Healthy eating, not supplements, is the best way to keep the good bacteria in your gut healthy, says a dietitian and researcher.
As with vitamins, it's best to get the bacteria you need from healthy food rather than taking often expensive and potentially ineffective supplements, says Gail Cre... Read More
Whatever you may think of our addiction to fossil fuels, there is no shortage of ideas on how to extract every last tonne. Field trials are now showing that all it takes is common fertiliser.
Natural gas is often present in coalfields, clinging to the coal. It is extracted through wells drill... Read More
This two-minute video is an update from Reuters on the current shortage of H1N1 vaccines. while short, the video does provide some interesting visuals of the production of H1N1 vaccine, as well as the reasons behind the delay. Read More
The UK starts vaccinating people against swine flu today; in the US and Australia, vaccination has already begun. Can we be sure that safety hasn't been compromised in the race to test and produce the vaccine? Didn't vaccination hurt people during the last big swine flu scare? And do the benefit... Read More
Tomatoes, corn, insect resistance in poplar trees, and switchgrass durability through climate change are just some of the focus areas of the $101.6 million that the National Science Foundation has granted this week for plant genome sequencing projects.
Ranging broadly from $500,000 to $10.4 m... Read More
Roche last week said that demand for influenza testing products drove a 24 percent spike in sales for its PCR and nucleic acid purification business in the first nine months of 2009.
Specifically, the company said that sales of its MagNA Pure nucleic acid sample-prep system and its LightCycle... Read More
An international team of researchers from the United States, Korea, and France has sequenced and analyzed the genomes of two important laboratory strains of E. coli bacteria, one used to study evolution and the other to produce proteins for basic research or practical applications. The findings ... Read More
Every year beaches and lakes all over the country as closed down when levels of fecal coliform bacteria levels reach or exceed certain levels. Only when high E. coli levels close truly popular recreational waters is there much attention paid.
Since last spring, however, Missourians have lear... Read More
To honor the memory of Robert Austrian for his pioneering and important research on pneumococci and pneumococcal diseases, Wyeth is sponsoring research awards for young scientists in the field of pneumococcal vaccinology.
Wyeth has selected the International Symposium of Pneumococci and Pne... Read More
Did you know that millions of tons of fruits and vegetables in the United States end up in the trash can before being eaten, according to the U.S. Department of Agriculture?
A Georgia State University professor has developed an innovative new way to keep produce and flowers fresh for longer p... Read More
In 1843, the Hungarian scientist David Gruby—considered the founder of medical microbiology—was studying a microscopic parasite in frog blood. The parasite seemed to propel itself forward like a corkscrew, so he named the creature Trypanosoma sanguinis, after the Greek word “trypanon,” or augur... Read More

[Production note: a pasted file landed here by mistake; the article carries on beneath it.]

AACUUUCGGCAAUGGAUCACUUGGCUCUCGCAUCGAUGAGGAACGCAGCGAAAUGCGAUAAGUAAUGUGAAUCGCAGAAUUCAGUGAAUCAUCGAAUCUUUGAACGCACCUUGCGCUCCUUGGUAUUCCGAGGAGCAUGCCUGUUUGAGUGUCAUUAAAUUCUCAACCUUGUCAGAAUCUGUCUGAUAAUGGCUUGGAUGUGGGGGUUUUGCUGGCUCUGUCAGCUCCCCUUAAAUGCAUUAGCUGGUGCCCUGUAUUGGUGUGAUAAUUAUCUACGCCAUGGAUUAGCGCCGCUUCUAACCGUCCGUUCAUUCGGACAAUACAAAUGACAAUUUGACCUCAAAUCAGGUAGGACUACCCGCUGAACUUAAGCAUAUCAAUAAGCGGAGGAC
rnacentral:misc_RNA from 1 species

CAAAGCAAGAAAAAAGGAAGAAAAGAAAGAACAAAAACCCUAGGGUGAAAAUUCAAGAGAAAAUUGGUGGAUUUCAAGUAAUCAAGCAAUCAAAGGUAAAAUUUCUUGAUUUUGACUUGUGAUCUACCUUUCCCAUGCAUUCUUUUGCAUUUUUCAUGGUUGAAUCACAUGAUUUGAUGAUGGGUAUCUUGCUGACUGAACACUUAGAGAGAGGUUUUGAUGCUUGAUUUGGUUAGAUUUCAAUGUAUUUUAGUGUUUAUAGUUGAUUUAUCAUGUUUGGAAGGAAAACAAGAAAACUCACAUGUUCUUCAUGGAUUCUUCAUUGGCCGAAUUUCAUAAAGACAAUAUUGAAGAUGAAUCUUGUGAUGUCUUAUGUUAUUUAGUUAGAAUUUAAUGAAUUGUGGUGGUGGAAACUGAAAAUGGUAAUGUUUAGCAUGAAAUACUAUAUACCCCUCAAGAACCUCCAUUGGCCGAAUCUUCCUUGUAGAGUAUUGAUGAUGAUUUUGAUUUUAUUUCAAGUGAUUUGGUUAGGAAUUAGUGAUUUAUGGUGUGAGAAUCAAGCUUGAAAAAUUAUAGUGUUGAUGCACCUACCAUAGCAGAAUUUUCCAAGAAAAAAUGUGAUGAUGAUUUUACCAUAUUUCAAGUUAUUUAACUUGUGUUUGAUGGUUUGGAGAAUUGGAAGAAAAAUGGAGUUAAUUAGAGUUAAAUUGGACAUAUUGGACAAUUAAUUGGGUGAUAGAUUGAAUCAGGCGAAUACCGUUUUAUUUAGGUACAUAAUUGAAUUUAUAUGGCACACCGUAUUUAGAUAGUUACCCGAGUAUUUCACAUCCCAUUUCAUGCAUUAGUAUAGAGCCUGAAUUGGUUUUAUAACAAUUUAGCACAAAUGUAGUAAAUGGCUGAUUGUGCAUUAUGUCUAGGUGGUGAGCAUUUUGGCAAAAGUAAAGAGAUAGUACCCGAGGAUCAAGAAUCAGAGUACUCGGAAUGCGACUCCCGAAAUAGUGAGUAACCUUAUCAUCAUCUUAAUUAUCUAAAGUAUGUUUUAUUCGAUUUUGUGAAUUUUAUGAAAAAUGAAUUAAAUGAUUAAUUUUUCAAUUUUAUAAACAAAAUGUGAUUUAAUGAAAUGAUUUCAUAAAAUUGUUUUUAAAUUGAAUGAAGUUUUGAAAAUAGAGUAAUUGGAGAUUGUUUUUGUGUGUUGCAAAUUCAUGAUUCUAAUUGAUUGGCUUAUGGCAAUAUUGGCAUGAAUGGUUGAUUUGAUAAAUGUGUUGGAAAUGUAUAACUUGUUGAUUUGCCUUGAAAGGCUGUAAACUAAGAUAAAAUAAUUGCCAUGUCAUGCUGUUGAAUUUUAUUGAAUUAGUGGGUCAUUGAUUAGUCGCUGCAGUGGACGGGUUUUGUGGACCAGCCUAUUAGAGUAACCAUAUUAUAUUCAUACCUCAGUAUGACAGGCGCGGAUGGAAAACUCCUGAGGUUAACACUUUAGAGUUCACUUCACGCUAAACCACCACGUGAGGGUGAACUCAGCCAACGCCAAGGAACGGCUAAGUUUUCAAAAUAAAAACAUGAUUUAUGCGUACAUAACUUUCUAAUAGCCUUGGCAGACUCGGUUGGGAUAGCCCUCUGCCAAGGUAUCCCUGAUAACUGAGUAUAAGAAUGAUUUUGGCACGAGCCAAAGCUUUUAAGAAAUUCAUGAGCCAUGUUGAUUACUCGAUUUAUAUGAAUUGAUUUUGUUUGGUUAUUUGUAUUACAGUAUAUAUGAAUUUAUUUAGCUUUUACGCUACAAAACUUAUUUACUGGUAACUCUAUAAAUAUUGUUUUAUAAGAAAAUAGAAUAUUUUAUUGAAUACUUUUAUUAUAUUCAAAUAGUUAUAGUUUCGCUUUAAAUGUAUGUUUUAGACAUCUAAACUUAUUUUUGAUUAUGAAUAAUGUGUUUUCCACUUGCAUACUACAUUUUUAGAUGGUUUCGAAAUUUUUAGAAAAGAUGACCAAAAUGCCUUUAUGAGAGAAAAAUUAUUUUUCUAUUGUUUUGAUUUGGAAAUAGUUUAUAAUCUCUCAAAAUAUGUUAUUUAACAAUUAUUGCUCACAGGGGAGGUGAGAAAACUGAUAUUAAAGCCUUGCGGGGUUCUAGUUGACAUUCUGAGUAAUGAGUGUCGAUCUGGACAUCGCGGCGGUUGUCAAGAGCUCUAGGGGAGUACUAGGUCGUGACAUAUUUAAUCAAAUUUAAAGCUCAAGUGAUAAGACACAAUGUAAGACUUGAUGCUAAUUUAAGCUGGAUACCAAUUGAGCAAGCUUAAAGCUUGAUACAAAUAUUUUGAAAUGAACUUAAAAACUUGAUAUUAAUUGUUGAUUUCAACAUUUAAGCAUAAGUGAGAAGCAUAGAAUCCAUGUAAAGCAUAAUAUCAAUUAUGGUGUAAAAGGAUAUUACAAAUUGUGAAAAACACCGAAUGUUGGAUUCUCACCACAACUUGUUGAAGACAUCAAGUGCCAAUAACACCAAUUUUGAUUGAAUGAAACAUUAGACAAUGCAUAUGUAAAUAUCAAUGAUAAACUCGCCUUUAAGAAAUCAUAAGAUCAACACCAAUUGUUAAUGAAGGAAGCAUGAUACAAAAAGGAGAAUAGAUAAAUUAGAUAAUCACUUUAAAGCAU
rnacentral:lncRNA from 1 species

Cytomegalovirus in human foreskin tissue cells (40x) Acridine orange stain. Darl, olive green bodies in refractile cells are intranuclear inclusions. Also show paranuclear bodies which are stained darker Read More
The first HIV vaccine to be called a success has stood up to scrutiny after further analysis of the data was presented today in Paris, France. However, the new analysis also confirms that the optimistic claims, first made in September and viewed sceptically at the time, are indeed very modest.
... Read More
Twentieth century medicine was phenomenally successful at developing vaccines and antibiotics to fight infectious diseases, taming ancient scourges such as smallpox, tuberculosis and typhoid. In the 1960s and 70s, the prevailing view was that all diseases caused by microorganisms would soon be c... Read More
INTEL's latest microchip technology has created transistors 22 nanometres wide - a mere 200 times the width of a hydrogen molecule. Carving such tiny features is devilishly difficult and expensive, but in another realm of microchips altogether, something odd is happening: chips are being made on... Read More
In a pair of studies appearing online yesterday in Nature Genetics, one group of researchers identified the first systemic lupus erythematosus, or SLE, risk variants in a Chinese population while another group added to the growing list of lupus-associated genes in individuals of European descent... Read More
Babies are often given acetaminophen when they get their routine vaccinations. The drug, sold as Tylenol in the United States and called paracetamol in most countries, counters the common risk of fever and the much less common risk of fevers high enough to cause seizure.
But a new study, don... Read More
The percentage of Salmonella isolates found in ground turkey that displayed resistance to nalidixic acid dropped from 8.1 percent in 2002 to 2.6 percent in 2007. Similarly, the percentage of isolates resistant to ceftiofur dropped from 8.1 percent to 5.3 percent in that period. In contrast, the ... Read More